Page 4, 3rd August 1973

3rd August 1973
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Page 4, 3rd August 1973 — On the mount where Christ's face shone like the sun
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On the mount where Christ's face shone like the sun

By Fr. S. G. A. Luff

Visiting Nazareth recently, I stayed at the Melkite Seminary. From the terrace outside my room I looked by night over the lights of the modern town and thought how much they resembled those of my home parish in the Surrey Hills.

In the morning there was an addition to the scene — the solemn presence of a mountain, well, a hill, a distinguished hill rising from the Plain or Esdraelon. A good description would be "a high place apart."

I rambled on the limestone uplands south of Nazareth and . looked down on the plain that Mary crossed to visit cousin Elizabeth — the high place of Thabor loomed closer. So next day 1 rose before dawn and set out on foot, down the dizzy path to the plain, through Arab (Mahommedan) villages. and climbed the "holy mountain" (St. Peter's expression) of the Transfiguration.

The Transfiguration is told by three evangelists but is omitted by John. Of Mark, thought to be Peter's Gospel-writer, you might expect virtually first-hand reporting. Maybe it is, but this version is the barest.

Peter, James, and John Were taken apart. These three were also privileged witnesses of a .resurrection — the raising of the daughter of Jairus, and they were to be witnesses too of Christ's agony and desolation in Gethsemane.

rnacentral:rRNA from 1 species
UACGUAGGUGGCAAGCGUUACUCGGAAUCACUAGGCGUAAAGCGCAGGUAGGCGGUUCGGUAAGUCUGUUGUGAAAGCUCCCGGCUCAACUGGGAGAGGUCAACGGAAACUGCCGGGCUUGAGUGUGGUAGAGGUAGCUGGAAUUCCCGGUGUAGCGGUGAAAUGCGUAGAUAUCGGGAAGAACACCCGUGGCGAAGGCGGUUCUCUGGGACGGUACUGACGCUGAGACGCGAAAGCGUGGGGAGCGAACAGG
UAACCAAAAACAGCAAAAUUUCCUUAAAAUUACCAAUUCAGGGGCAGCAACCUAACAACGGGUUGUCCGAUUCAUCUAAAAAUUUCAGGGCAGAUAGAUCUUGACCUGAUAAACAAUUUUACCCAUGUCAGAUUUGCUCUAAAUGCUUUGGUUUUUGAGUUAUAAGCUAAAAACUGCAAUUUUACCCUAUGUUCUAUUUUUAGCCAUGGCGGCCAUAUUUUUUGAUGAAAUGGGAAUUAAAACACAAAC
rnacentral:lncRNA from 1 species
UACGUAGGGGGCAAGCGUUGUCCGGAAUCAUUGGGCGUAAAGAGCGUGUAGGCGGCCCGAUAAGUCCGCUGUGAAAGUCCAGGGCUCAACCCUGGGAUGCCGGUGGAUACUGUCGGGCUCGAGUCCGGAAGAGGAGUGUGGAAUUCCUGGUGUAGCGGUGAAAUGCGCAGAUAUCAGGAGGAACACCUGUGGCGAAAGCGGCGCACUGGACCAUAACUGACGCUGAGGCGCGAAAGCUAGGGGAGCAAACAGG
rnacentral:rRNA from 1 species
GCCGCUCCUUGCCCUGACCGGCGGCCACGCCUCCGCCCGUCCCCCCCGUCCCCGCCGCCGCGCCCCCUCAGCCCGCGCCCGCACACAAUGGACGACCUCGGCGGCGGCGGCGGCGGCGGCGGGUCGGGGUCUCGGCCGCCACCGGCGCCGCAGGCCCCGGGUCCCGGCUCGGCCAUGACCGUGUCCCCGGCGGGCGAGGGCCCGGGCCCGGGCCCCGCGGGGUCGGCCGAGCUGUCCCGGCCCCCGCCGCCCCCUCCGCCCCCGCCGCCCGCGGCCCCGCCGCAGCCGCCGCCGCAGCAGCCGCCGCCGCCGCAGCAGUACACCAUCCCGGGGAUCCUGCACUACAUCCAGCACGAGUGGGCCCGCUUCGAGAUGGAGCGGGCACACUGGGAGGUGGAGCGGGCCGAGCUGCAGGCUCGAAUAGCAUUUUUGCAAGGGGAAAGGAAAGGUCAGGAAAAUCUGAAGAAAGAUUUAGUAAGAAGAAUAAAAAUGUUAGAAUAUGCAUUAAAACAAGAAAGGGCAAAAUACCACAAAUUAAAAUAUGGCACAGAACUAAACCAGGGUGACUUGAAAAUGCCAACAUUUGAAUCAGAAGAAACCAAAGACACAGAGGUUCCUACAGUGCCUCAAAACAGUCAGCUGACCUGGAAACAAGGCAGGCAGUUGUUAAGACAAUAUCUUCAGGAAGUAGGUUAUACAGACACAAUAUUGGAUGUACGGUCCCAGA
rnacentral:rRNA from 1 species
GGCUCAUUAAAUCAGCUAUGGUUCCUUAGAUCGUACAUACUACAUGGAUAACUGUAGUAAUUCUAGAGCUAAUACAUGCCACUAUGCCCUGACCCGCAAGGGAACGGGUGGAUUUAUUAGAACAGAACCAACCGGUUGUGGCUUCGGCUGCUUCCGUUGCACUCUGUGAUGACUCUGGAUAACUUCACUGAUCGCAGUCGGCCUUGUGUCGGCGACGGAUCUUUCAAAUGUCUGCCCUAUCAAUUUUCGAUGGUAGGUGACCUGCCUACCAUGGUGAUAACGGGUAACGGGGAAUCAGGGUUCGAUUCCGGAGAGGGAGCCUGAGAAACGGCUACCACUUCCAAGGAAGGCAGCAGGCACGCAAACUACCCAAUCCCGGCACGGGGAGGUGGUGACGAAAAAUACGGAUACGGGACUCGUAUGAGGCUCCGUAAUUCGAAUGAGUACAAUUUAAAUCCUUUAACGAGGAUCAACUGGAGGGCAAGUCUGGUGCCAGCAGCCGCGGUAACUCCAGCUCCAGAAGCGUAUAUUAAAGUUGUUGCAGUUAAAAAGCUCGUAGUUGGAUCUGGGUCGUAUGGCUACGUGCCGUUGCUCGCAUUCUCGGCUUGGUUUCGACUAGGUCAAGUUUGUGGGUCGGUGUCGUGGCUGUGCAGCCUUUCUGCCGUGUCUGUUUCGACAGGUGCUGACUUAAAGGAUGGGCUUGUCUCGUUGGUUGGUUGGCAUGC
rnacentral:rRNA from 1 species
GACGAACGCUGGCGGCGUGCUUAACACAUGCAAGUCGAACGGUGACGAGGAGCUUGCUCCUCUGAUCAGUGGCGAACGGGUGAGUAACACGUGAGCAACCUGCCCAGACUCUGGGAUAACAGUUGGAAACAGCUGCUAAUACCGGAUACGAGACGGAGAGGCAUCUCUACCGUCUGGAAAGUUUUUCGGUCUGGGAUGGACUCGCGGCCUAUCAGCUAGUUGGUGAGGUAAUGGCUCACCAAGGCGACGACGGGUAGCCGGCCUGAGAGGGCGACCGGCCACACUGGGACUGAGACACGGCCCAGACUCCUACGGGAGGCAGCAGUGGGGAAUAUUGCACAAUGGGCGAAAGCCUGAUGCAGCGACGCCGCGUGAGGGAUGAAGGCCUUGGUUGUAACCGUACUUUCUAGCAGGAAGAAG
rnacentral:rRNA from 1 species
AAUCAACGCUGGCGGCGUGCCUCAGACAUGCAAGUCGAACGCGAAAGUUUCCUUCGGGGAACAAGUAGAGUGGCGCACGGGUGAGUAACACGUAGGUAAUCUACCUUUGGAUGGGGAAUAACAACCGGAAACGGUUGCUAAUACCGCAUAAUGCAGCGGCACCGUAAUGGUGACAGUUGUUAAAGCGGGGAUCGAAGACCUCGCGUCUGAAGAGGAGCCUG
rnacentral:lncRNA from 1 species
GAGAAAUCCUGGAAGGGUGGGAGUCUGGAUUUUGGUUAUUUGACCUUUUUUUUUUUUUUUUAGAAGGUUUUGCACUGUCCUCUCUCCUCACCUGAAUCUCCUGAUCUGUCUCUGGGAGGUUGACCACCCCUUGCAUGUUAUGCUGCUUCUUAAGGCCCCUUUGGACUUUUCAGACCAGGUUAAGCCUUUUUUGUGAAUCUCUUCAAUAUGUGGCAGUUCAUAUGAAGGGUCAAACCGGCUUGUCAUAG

What Mark says of "transfiguration" is just that the Lord's clothes dazzled white beyond any natural whiteness. Moses and Elijah appeared speaking with him. There is no appearance to parallel that elsewhere in the Gospels.

Peter was "frightened" and made an unconsidered suggestion to put up three shelters for the Lord and his heavenly guests. The cloud came, its shadow covered them, and then the Voice: "This is my Son, the Beloved; hear him."

A moment later Jesus stood there, normal, alone. On the way down he spoke about his Passion and Resurrection and also discussed Elijah. In Jewish tradition, he was to return to prepare the way for the Messiah. And so he had, said Jesus — he had already been among them in the person of John the Baptist.

Matthew adds details — that Christ's face shone like the sun. and that the cloud, though it overshadowed them, was radiant, a cloud of glory. At the Divine Voice they fell on their faces. Jesus touched them and told them not to fear, but to stand up. Matthew's special contribution to the theme is light.

Luke, the third evangelist, had undertaken a checked and detailed version or what was, basically, already told by Matthew and Mark. He had a flair for reportage that qualified him well for this. All his details are significant.

They went up the mountain to pray. We know that once before Jesus had disappeared at night and it was "Peter and his companions" who set out to find him. They must have had some idea where to go, They found him in prayer.